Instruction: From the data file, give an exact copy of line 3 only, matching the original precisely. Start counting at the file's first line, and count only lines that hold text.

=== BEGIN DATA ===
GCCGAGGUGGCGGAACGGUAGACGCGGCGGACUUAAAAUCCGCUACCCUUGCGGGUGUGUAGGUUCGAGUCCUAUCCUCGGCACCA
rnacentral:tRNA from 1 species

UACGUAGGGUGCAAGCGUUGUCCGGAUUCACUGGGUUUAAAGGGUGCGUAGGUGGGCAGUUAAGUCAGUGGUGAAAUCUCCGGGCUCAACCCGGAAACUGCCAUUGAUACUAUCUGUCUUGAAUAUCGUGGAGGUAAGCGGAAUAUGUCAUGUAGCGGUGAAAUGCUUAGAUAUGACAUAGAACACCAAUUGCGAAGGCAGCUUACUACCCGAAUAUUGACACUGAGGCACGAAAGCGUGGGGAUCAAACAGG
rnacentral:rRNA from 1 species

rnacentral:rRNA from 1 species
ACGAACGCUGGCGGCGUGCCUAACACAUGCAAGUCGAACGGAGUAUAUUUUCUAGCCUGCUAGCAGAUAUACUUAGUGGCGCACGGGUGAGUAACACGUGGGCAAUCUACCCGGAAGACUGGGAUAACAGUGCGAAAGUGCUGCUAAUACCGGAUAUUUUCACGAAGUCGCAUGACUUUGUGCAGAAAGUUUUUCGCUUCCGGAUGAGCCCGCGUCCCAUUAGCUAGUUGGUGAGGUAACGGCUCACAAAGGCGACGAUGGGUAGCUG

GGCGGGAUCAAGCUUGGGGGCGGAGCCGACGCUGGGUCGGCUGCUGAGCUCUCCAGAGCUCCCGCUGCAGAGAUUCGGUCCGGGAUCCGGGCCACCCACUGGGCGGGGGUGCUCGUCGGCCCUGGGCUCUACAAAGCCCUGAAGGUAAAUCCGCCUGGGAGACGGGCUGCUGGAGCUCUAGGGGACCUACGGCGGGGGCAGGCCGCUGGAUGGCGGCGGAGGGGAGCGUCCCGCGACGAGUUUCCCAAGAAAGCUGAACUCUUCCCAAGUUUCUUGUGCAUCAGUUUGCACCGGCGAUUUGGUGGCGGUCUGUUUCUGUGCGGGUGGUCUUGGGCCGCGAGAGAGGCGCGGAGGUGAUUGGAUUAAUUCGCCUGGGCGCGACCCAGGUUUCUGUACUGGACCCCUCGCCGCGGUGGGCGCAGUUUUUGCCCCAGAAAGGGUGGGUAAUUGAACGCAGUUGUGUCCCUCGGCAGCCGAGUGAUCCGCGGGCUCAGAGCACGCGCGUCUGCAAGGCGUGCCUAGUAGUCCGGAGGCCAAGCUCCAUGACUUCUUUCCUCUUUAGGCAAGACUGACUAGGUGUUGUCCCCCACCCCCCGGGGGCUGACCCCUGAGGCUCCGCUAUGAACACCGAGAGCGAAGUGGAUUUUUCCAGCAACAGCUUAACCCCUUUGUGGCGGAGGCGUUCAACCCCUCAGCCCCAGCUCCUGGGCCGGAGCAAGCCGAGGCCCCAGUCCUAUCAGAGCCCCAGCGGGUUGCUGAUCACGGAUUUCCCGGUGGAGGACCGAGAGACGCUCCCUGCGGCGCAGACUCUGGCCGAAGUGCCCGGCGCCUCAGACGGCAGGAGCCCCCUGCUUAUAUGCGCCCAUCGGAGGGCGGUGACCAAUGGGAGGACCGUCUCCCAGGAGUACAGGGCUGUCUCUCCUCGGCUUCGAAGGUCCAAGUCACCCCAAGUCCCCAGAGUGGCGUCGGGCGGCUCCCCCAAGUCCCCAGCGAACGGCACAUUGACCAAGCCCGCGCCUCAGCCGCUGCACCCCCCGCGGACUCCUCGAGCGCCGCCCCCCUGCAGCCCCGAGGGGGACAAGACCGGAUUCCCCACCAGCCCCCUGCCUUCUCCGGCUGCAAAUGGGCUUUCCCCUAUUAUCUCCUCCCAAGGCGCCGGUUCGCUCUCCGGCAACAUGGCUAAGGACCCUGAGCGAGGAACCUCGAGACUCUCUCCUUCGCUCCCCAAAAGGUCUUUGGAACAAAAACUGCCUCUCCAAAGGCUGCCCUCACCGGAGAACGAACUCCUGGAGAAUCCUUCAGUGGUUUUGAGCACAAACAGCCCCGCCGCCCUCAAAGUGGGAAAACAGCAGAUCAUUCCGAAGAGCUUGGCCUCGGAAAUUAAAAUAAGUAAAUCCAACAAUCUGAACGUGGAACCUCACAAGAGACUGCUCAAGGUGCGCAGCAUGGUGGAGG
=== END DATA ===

UACGUAGGGUGCAAGCGUUGUCCGGAUUCACUGGGUUUAAAGGGUGCGUAGGUGGGCAGUUAAGUCAGUGGUGAAAUCUCCGGGCUCAACCCGGAAACUGCCAUUGAUACUAUCUGUCUUGAAUAUCGUGGAGGUAAGCGGAAUAUGUCAUGUAGCGGUGAAAUGCUUAGAUAUGACAUAGAACACCAAUUGCGAAGGCAGCUUACUACCCGAAUAUUGACACUGAGGCACGAAAGCGUGGGGAUCAAACAGG